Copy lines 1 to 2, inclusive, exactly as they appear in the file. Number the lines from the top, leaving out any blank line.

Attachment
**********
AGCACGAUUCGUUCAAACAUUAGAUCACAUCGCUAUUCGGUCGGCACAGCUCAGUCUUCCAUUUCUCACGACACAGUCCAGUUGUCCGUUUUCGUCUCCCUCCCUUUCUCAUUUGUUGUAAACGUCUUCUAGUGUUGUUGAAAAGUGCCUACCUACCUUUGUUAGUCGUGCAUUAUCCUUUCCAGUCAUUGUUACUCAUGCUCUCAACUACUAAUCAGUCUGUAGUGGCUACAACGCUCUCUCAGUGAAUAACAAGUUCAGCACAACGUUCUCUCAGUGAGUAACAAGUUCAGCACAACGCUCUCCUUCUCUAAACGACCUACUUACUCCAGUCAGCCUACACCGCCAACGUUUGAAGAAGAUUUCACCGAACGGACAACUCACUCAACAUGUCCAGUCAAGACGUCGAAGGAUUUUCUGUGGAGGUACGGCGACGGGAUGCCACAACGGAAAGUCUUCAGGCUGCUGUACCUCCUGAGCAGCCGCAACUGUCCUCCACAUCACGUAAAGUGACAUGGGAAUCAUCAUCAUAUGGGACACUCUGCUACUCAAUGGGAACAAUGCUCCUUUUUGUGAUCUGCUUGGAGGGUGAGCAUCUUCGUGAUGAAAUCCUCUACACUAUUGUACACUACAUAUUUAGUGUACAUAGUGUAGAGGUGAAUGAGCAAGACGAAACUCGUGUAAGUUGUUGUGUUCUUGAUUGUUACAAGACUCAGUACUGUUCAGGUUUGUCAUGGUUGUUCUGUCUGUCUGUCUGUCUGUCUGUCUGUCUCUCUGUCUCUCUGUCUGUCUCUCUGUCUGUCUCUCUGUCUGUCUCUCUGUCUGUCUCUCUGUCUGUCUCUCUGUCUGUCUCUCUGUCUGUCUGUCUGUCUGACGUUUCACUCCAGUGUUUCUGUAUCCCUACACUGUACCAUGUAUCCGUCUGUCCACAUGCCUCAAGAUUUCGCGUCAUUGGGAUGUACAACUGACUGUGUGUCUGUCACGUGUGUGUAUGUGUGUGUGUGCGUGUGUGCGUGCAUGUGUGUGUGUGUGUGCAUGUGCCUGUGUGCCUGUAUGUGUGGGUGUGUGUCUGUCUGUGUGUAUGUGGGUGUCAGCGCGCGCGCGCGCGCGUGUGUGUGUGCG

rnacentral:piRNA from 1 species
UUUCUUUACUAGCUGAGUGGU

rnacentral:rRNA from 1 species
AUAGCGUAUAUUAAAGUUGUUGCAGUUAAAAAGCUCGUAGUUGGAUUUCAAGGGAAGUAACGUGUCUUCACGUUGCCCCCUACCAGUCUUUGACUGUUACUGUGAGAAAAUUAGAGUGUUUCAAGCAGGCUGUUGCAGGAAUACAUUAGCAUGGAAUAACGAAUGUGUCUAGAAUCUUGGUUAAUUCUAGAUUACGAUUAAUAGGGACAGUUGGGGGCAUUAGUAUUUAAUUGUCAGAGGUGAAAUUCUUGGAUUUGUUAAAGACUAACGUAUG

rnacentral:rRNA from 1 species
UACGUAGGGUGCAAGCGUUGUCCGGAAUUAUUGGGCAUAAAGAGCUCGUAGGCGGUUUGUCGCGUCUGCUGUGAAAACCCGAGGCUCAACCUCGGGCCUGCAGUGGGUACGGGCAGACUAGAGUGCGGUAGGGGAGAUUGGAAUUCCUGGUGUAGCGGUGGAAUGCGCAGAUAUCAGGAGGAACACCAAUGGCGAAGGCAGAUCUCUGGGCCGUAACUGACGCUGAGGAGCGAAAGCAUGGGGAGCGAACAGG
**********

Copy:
AGCACGAUUCGUUCAAACAUUAGAUCACAUCGCUAUUCGGUCGGCACAGCUCAGUCUUCCAUUUCUCACGACACAGUCCAGUUGUCCGUUUUCGUCUCCCUCCCUUUCUCAUUUGUUGUAAACGUCUUCUAGUGUUGUUGAAAAGUGCCUACCUACCUUUGUUAGUCGUGCAUUAUCCUUUCCAGUCAUUGUUACUCAUGCUCUCAACUACUAAUCAGUCUGUAGUGGCUACAACGCUCUCUCAGUGAAUAACAAGUUCAGCACAACGUUCUCUCAGUGAGUAACAAGUUCAGCACAACGCUCUCCUUCUCUAAACGACCUACUUACUCCAGUCAGCCUACACCGCCAACGUUUGAAGAAGAUUUCACCGAACGGACAACUCACUCAACAUGUCCAGUCAAGACGUCGAAGGAUUUUCUGUGGAGGUACGGCGACGGGAUGCCACAACGGAAAGUCUUCAGGCUGCUGUACCUCCUGAGCAGCCGCAACUGUCCUCCACAUCACGUAAAGUGACAUGGGAAUCAUCAUCAUAUGGGACACUCUGCUACUCAAUGGGAACAAUGCUCCUUUUUGUGAUCUGCUUGGAGGGUGAGCAUCUUCGUGAUGAAAUCCUCUACACUAUUGUACACUACAUAUUUAGUGUACAUAGUGUAGAGGUGAAUGAGCAAGACGAAACUCGUGUAAGUUGUUGUGUUCUUGAUUGUUACAAGACUCAGUACUGUUCAGGUUUGUCAUGGUUGUUCUGUCUGUCUGUCUGUCUGUCUGUCUGUCUCUCUGUCUCUCUGUCUGUCUCUCUGUCUGUCUCUCUGUCUGUCUCUCUGUCUGUCUCUCUGUCUGUCUCUCUGUCUGUCUCUCUGUCUGUCUGUCUGUCUGACGUUUCACUCCAGUGUUUCUGUAUCCCUACACUGUACCAUGUAUCCGUCUGUCCACAUGCCUCAAGAUUUCGCGUCAUUGGGAUGUACAACUGACUGUGUGUCUGUCACGUGUGUGUAUGUGUGUGUGUGCGUGUGUGCGUGCAUGUGUGUGUGUGUGUGCAUGUGCCUGUGUGCCUGUAUGUGUGGGUGUGUGUCUGUCUGUGUGUAUGUGGGUGUCAGCGCGCGCGCGCGCGCGUGUGUGUGUGCG

rnacentral:piRNA from 1 species